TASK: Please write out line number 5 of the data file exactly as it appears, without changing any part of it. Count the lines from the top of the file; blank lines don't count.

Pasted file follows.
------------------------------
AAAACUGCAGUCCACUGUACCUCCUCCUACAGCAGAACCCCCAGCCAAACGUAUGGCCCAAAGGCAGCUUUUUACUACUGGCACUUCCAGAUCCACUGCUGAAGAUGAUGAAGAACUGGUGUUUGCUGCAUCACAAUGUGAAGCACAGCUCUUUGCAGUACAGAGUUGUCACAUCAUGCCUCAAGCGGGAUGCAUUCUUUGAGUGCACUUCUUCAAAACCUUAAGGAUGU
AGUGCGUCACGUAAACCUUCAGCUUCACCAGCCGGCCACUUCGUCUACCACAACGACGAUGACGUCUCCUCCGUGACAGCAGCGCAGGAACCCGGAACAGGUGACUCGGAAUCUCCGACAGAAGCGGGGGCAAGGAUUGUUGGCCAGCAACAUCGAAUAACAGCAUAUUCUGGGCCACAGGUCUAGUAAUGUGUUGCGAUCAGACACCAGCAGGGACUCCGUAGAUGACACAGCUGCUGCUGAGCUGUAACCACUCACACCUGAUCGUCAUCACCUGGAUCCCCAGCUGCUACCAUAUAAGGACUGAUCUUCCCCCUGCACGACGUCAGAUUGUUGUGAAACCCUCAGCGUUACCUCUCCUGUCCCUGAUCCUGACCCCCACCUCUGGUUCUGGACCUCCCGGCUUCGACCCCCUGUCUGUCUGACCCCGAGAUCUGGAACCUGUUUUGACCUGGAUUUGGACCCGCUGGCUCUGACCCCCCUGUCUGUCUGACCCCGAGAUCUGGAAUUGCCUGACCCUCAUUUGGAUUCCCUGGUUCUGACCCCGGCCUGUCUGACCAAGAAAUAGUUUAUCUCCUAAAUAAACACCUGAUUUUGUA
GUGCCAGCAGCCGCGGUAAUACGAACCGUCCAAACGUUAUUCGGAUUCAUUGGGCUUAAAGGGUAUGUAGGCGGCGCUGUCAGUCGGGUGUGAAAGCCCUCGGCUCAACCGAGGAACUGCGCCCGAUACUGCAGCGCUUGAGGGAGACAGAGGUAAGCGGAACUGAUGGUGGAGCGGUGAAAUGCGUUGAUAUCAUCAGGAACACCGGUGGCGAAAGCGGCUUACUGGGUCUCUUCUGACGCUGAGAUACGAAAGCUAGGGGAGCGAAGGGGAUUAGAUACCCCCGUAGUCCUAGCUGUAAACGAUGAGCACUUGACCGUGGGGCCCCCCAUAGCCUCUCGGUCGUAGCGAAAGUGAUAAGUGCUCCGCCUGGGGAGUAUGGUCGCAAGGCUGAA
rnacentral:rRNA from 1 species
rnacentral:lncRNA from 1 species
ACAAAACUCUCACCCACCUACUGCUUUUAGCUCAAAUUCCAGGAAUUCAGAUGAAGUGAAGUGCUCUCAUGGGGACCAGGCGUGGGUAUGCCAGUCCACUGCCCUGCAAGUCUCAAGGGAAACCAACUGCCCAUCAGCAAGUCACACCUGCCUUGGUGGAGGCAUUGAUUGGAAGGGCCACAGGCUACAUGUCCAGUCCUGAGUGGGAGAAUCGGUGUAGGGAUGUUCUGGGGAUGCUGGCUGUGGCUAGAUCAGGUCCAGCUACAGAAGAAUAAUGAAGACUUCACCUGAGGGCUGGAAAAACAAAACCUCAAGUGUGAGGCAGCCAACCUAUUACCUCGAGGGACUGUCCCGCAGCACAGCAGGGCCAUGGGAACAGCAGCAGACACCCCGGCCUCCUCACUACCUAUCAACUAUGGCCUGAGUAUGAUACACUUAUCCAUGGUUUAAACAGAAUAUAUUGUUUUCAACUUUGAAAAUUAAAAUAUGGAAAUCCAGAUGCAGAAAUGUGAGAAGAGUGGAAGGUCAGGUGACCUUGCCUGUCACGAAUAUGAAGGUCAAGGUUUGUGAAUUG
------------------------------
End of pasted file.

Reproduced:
rnacentral:lncRNA from 1 species